ML Daniel on the Alchemy of Spirit in Movement Spaces

ML Daniel is a lawyer, ordained minister, and spiritual alchemist, but not necessarily in that order. She’s one of Resonance Network’s most animated voices when it comes to advocating for the importance of integrating sacred space and spirit work as we move to create a world that isn’t based on violence. In the wake of the Judiciary Committee hearings and confirmation of Brett Kavanaugh, which triggered re-traumatization, outrage, and despair, along with a surge of survivor solidarity and organizing, we spoke with her about how to make room for listening to our inner voices in daily life.

Resonance: Tell us about how you first got involved with advocating for the role of spirit in Resonance Network’s work?

ML: The Spirit Space work arose out of my experience participating in the Movement to End Violence program. I hosted an evening of wine and chocolate about why faith matters in movement spaces. It was a phenomenal conversation.

Spirit is foundational if we are going to do anything of substance in shaping the world. We spend so much time fine-tuning people’s leadership skills, their administrative skills, and we spend very little time nurturing their spirits, that which will allow them to be at their highest level and most creative level.

Resonance: It speaks to the issue of sustainability, wouldn’t you say?

ML: Exactly. You have a lot of talented leaders, but I also think you have talented leaders who aren’t staying. Just when they get to the place where they understand the system, they’re done because nobody has nurtured the spirit that invited them in. So the sustainability issue is real, and I think we’ve done a lot of things around self care and nurturing the spirit is much different than self care.

Resonance: As you’re speaking it just makes so much sense. How do you think we missed this?

ML: I’m not so sure that we missed it. I think we excluded it intentionally. We’ve gotten so bogged down as a society talking about tradition that we have excluded every tradition because I don’t want to be held by the standards and ethics and the norms and the dogma of your tradition. So nobody gets to bring anything to the table that remotely looks like it’s spiritual. We teach kids early on not to trust their gut and how to override it. And a lot of that is spirit whispering to us, and it shows up in somatic form. We distrust it. Religion has done its share of bastardizing spirit. As an ordained minister, from the Christian perspective, we’ve not done a really good job of representing spirit well. People have been hurt and not dealt with honestly.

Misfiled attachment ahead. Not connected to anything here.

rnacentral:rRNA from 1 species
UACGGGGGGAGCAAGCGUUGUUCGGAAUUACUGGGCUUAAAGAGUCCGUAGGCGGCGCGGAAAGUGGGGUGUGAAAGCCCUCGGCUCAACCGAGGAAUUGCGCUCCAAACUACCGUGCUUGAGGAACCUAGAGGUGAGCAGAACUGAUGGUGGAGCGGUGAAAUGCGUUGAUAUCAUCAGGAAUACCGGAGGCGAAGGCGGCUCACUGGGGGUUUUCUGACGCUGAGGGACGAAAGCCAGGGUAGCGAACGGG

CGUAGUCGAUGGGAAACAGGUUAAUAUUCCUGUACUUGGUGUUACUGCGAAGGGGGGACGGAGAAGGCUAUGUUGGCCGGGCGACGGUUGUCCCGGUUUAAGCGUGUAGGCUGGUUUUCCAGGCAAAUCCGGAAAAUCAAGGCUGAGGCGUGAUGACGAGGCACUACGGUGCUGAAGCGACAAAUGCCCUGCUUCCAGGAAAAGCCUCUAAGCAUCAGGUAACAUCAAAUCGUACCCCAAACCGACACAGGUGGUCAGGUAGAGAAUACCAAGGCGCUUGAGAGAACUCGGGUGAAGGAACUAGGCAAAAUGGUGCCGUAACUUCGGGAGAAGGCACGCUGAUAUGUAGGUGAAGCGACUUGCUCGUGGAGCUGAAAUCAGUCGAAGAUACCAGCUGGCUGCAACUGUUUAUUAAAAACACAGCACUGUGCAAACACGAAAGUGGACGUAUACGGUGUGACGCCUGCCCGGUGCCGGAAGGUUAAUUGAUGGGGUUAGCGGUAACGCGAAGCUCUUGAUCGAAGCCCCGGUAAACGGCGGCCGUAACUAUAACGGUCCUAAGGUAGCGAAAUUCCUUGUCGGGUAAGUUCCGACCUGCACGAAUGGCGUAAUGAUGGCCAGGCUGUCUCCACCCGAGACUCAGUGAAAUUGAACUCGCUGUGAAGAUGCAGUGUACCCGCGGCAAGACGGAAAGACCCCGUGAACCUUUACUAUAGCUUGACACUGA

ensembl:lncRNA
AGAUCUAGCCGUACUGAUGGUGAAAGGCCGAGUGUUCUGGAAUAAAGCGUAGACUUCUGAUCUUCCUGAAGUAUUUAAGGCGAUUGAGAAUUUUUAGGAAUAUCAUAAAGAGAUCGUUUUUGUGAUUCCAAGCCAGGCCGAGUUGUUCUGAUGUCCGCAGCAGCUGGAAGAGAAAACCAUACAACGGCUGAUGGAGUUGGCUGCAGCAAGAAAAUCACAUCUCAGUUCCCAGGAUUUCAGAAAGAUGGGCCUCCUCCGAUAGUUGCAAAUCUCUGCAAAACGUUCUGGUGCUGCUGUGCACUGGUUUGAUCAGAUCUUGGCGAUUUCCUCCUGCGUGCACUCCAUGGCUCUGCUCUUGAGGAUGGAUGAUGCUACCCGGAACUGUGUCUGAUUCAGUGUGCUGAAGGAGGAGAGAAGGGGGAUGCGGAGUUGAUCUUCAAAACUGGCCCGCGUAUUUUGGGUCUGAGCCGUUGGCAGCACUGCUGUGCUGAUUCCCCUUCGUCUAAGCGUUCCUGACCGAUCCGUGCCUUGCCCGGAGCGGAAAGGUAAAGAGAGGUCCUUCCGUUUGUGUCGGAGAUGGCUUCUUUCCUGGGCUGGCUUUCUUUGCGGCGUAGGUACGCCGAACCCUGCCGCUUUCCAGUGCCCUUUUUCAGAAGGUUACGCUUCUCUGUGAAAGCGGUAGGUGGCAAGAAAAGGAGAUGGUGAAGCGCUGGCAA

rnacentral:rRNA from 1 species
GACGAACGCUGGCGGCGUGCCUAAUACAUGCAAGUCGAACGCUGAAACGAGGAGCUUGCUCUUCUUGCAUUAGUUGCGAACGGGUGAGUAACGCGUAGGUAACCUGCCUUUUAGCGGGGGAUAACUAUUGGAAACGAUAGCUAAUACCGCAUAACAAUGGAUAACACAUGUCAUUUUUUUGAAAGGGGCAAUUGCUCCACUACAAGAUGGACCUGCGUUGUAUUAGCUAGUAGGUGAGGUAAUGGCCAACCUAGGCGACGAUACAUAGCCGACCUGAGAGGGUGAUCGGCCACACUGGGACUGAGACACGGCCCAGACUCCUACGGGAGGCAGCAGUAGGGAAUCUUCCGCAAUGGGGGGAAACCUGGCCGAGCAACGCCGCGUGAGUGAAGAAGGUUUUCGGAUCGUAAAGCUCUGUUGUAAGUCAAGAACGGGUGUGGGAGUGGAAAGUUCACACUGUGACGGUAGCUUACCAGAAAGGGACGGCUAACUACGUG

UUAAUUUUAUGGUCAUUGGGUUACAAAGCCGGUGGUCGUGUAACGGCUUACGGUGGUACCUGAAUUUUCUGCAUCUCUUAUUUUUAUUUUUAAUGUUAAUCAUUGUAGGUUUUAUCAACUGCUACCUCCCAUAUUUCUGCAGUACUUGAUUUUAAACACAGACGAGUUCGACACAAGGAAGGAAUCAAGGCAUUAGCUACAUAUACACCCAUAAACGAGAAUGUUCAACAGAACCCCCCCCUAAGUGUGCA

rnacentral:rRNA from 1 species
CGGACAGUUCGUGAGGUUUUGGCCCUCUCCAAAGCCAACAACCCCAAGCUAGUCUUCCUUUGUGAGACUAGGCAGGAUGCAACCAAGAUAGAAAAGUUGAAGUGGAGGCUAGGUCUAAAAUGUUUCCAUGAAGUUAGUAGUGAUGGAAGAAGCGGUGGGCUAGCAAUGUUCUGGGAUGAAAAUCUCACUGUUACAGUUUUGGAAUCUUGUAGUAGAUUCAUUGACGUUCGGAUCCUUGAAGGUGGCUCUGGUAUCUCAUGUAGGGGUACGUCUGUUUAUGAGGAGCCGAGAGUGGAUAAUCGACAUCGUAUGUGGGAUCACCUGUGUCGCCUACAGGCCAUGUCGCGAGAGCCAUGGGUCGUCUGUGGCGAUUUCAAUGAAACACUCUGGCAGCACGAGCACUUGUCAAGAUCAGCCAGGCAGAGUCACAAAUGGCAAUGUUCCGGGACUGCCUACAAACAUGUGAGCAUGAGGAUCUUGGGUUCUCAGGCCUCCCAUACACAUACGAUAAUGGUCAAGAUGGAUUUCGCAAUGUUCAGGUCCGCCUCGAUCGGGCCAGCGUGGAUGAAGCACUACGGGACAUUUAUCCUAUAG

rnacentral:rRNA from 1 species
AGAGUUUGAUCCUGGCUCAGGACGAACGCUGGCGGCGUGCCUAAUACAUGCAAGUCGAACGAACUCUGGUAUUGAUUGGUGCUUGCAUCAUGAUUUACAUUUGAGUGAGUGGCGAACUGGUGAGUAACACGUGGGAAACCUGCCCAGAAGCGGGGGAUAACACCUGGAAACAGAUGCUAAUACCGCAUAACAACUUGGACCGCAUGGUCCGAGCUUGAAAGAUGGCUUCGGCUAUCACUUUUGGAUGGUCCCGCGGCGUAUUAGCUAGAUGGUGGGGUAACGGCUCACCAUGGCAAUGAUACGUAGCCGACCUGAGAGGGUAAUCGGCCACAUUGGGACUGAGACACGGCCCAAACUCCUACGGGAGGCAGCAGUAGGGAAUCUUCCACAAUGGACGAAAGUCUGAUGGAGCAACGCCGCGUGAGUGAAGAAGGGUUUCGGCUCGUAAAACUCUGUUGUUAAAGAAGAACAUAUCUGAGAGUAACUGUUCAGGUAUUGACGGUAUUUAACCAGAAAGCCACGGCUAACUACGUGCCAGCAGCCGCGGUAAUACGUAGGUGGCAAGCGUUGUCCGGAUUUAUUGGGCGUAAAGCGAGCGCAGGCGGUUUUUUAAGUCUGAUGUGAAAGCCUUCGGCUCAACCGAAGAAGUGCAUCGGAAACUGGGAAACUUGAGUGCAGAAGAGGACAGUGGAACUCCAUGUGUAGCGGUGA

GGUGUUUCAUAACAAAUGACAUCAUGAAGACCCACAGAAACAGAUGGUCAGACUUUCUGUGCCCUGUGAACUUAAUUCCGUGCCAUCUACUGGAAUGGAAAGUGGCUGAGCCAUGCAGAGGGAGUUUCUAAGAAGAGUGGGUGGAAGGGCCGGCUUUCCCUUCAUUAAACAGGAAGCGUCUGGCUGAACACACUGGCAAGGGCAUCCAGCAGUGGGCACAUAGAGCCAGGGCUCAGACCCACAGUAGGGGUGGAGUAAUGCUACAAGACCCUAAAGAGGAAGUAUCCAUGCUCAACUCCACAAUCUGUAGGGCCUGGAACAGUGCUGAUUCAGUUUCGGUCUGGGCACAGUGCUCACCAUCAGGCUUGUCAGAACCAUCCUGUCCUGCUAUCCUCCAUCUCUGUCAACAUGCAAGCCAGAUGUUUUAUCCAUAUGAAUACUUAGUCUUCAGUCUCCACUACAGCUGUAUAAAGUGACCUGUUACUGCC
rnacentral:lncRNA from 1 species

Resonance: Looking at movement strategy and campaigns, what do you feel is the role of spirit in that?

ML: I don’t think we have tapped the wisdom of spirit. Can you imagine if people were really in tune with their own spiritual wisdom, what space movement space could be? That’s part of the attraction for me in how Resonance works. There’s enough spaciousness for folks to really begin to think differently about how spirit shows up in the work. That’s the challenge: can we get people to set aside time to listen to spirit?

Resonance: A lot of people come from faith traditions, but some people don’t, and I wonder if you could speak to people who are wary of any mention of spirit?

I think part of that is really taking the religious piece off of it. Last year I had the privilege to host a series of retreats with nonprofit leaders focused on reclaiming our spiritual life. There were people in that circle were not in alignment with any religious tradition. For me spirit really is about connected energy, that life force energy that’s in everything. It has nothing to do with belief systems or creed. It has everything to do with awareness that you are tethered to something bigger than yourself.

Resonance: You said as children we’re talked out of listening to spirit. Do you have any practical tips for how to recover from that and listen again to spirit?

A lot of it comes from meditation. Getting quiet and beginning to unravel some of the stuff that has blockers on it. Draw. Paint. Write poetry. Also, you can pick your favorite piece of art and just sit with it and see what opens up for you. Do a walking meditation through your neighborhood where you’re just paying attention differently than you would if you were rushing along. Get back in touch with listening and not shutting down the prana.

Learn more about ML’s work here.

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